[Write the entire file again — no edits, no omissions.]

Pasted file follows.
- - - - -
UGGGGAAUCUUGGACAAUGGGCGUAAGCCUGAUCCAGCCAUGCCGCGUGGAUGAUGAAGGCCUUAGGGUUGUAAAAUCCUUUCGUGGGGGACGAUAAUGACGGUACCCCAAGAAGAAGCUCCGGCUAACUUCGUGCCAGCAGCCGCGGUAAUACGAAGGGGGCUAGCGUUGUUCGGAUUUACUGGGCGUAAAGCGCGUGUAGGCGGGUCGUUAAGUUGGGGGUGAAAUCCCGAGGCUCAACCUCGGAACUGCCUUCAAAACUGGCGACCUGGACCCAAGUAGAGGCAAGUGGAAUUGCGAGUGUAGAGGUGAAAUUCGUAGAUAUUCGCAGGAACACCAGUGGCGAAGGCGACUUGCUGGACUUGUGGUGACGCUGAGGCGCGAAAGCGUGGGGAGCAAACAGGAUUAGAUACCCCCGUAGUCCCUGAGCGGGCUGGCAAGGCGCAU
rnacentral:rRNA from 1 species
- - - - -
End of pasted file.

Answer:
UGGGGAAUCUUGGACAAUGGGCGUAAGCCUGAUCCAGCCAUGCCGCGUGGAUGAUGAAGGCCUUAGGGUUGUAAAAUCCUUUCGUGGGGGACGAUAAUGACGGUACCCCAAGAAGAAGCUCCGGCUAACUUCGUGCCAGCAGCCGCGGUAAUACGAAGGGGGCUAGCGUUGUUCGGAUUUACUGGGCGUAAAGCGCGUGUAGGCGGGUCGUUAAGUUGGGGGUGAAAUCCCGAGGCUCAACCUCGGAACUGCCUUCAAAACUGGCGACCUGGACCCAAGUAGAGGCAAGUGGAAUUGCGAGUGUAGAGGUGAAAUUCGUAGAUAUUCGCAGGAACACCAGUGGCGAAGGCGACUUGCUGGACUUGUGGUGACGCUGAGGCGCGAAAGCGUGGGGAGCAAACAGGAUUAGAUACCCCCGUAGUCCCUGAGCGGGCUGGCAAGGCGCAU
rnacentral:rRNA from 1 species